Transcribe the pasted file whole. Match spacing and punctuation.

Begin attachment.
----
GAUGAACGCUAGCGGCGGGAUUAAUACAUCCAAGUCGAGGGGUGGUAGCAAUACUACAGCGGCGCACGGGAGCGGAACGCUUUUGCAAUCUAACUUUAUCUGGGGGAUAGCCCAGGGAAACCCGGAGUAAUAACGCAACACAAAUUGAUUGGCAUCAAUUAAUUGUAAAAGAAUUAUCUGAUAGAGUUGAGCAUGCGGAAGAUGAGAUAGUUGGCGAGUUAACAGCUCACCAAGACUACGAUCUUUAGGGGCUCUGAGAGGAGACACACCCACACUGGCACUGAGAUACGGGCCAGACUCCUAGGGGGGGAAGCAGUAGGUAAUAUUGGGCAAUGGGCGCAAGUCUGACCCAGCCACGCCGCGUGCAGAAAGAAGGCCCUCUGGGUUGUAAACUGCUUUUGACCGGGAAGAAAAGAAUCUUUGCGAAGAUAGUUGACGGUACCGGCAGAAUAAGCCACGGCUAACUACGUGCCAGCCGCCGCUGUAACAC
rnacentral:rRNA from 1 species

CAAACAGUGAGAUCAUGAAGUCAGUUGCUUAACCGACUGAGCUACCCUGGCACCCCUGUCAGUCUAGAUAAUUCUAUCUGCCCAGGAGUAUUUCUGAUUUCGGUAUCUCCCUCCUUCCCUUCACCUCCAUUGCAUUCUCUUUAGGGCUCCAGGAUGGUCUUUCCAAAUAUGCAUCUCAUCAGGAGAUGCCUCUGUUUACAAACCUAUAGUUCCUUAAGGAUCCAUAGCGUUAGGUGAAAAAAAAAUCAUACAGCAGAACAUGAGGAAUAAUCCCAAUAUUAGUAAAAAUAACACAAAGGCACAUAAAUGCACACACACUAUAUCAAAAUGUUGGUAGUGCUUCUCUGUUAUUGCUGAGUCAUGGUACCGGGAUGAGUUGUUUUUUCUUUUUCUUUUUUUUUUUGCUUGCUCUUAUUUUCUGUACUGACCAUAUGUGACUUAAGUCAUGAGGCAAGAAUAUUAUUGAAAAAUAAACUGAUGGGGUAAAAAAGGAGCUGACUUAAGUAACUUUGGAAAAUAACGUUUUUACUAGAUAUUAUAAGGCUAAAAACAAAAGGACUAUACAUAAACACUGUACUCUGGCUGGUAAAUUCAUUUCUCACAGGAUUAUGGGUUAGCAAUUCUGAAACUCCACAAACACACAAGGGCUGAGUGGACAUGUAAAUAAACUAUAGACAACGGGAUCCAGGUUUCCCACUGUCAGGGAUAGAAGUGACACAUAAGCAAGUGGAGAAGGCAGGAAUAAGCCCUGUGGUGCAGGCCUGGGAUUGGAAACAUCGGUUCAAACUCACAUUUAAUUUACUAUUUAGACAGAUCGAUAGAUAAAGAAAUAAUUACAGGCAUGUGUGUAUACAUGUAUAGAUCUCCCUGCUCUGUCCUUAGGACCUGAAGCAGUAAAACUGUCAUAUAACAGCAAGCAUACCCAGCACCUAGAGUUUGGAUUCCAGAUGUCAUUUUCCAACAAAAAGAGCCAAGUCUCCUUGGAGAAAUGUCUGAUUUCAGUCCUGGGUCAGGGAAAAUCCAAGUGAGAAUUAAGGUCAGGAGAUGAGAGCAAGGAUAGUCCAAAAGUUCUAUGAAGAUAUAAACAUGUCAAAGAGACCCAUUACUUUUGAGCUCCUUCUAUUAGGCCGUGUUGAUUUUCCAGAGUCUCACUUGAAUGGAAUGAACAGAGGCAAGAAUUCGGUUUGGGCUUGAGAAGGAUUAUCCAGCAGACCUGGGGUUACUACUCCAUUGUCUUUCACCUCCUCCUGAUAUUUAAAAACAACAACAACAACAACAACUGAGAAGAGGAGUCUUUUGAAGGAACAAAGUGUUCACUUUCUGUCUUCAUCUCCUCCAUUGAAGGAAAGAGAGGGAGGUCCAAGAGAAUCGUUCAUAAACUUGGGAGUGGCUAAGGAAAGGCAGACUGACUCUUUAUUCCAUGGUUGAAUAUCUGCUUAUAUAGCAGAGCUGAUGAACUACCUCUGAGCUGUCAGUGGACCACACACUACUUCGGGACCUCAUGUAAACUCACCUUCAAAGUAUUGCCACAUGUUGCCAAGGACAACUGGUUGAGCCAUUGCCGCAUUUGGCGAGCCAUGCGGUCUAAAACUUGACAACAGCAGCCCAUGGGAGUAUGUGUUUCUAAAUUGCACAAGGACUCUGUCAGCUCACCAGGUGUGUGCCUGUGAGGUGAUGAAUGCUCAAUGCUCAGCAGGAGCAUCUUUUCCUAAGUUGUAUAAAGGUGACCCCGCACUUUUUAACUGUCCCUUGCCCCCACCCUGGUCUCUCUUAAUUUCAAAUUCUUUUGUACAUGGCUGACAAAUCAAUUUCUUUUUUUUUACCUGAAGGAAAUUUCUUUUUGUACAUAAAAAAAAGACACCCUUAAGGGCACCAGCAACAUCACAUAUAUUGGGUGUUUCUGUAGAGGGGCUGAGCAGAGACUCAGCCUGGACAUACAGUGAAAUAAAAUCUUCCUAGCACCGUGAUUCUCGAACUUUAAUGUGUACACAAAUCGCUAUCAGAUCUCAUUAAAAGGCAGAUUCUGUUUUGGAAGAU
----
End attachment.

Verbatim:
GAUGAACGCUAGCGGCGGGAUUAAUACAUCCAAGUCGAGGGGUGGUAGCAAUACUACAGCGGCGCACGGGAGCGGAACGCUUUUGCAAUCUAACUUUAUCUGGGGGAUAGCCCAGGGAAACCCGGAGUAAUAACGCAACACAAAUUGAUUGGCAUCAAUUAAUUGUAAAAGAAUUAUCUGAUAGAGUUGAGCAUGCGGAAGAUGAGAUAGUUGGCGAGUUAACAGCUCACCAAGACUACGAUCUUUAGGGGCUCUGAGAGGAGACACACCCACACUGGCACUGAGAUACGGGCCAGACUCCUAGGGGGGGAAGCAGUAGGUAAUAUUGGGCAAUGGGCGCAAGUCUGACCCAGCCACGCCGCGUGCAGAAAGAAGGCCCUCUGGGUUGUAAACUGCUUUUGACCGGGAAGAAAAGAAUCUUUGCGAAGAUAGUUGACGGUACCGGCAGAAUAAGCCACGGCUAACUACGUGCCAGCCGCCGCUGUAACAC
rnacentral:rRNA from 1 species

CAAACAGUGAGAUCAUGAAGUCAGUUGCUUAACCGACUGAGCUACCCUGGCACCCCUGUCAGUCUAGAUAAUUCUAUCUGCCCAGGAGUAUUUCUGAUUUCGGUAUCUCCCUCCUUCCCUUCACCUCCAUUGCAUUCUCUUUAGGGCUCCAGGAUGGUCUUUCCAAAUAUGCAUCUCAUCAGGAGAUGCCUCUGUUUACAAACCUAUAGUUCCUUAAGGAUCCAUAGCGUUAGGUGAAAAAAAAAUCAUACAGCAGAACAUGAGGAAUAAUCCCAAUAUUAGUAAAAAUAACACAAAGGCACAUAAAUGCACACACACUAUAUCAAAAUGUUGGUAGUGCUUCUCUGUUAUUGCUGAGUCAUGGUACCGGGAUGAGUUGUUUUUUCUUUUUCUUUUUUUUUUUGCUUGCUCUUAUUUUCUGUACUGACCAUAUGUGACUUAAGUCAUGAGGCAAGAAUAUUAUUGAAAAAUAAACUGAUGGGGUAAAAAAGGAGCUGACUUAAGUAACUUUGGAAAAUAACGUUUUUACUAGAUAUUAUAAGGCUAAAAACAAAAGGACUAUACAUAAACACUGUACUCUGGCUGGUAAAUUCAUUUCUCACAGGAUUAUGGGUUAGCAAUUCUGAAACUCCACAAACACACAAGGGCUGAGUGGACAUGUAAAUAAACUAUAGACAACGGGAUCCAGGUUUCCCACUGUCAGGGAUAGAAGUGACACAUAAGCAAGUGGAGAAGGCAGGAAUAAGCCCUGUGGUGCAGGCCUGGGAUUGGAAACAUCGGUUCAAACUCACAUUUAAUUUACUAUUUAGACAGAUCGAUAGAUAAAGAAAUAAUUACAGGCAUGUGUGUAUACAUGUAUAGAUCUCCCUGCUCUGUCCUUAGGACCUGAAGCAGUAAAACUGUCAUAUAACAGCAAGCAUACCCAGCACCUAGAGUUUGGAUUCCAGAUGUCAUUUUCCAACAAAAAGAGCCAAGUCUCCUUGGAGAAAUGUCUGAUUUCAGUCCUGGGUCAGGGAAAAUCCAAGUGAGAAUUAAGGUCAGGAGAUGAGAGCAAGGAUAGUCCAAAAGUUCUAUGAAGAUAUAAACAUGUCAAAGAGACCCAUUACUUUUGAGCUCCUUCUAUUAGGCCGUGUUGAUUUUCCAGAGUCUCACUUGAAUGGAAUGAACAGAGGCAAGAAUUCGGUUUGGGCUUGAGAAGGAUUAUCCAGCAGACCUGGGGUUACUACUCCAUUGUCUUUCACCUCCUCCUGAUAUUUAAAAACAACAACAACAACAACAACUGAGAAGAGGAGUCUUUUGAAGGAACAAAGUGUUCACUUUCUGUCUUCAUCUCCUCCAUUGAAGGAAAGAGAGGGAGGUCCAAGAGAAUCGUUCAUAAACUUGGGAGUGGCUAAGGAAAGGCAGACUGACUCUUUAUUCCAUGGUUGAAUAUCUGCUUAUAUAGCAGAGCUGAUGAACUACCUCUGAGCUGUCAGUGGACCACACACUACUUCGGGACCUCAUGUAAACUCACCUUCAAAGUAUUGCCACAUGUUGCCAAGGACAACUGGUUGAGCCAUUGCCGCAUUUGGCGAGCCAUGCGGUCUAAAACUUGACAACAGCAGCCCAUGGGAGUAUGUGUUUCUAAAUUGCACAAGGACUCUGUCAGCUCACCAGGUGUGUGCCUGUGAGGUGAUGAAUGCUCAAUGCUCAGCAGGAGCAUCUUUUCCUAAGUUGUAUAAAGGUGACCCCGCACUUUUUAACUGUCCCUUGCCCCCACCCUGGUCUCUCUUAAUUUCAAAUUCUUUUGUACAUGGCUGACAAAUCAAUUUCUUUUUUUUUACCUGAAGGAAAUUUCUUUUUGUACAUAAAAAAAAGACACCCUUAAGGGCACCAGCAACAUCACAUAUAUUGGGUGUUUCUGUAGAGGGGCUGAGCAGAGACUCAGCCUGGACAUACAGUGAAAUAAAAUCUUCCUAGCACCGUGAUUCUCGAACUUUAAUGUGUACACAAAUCGCUAUCAGAUCUCAUUAAAAGGCAGAUUCUGUUUUGGAAGAU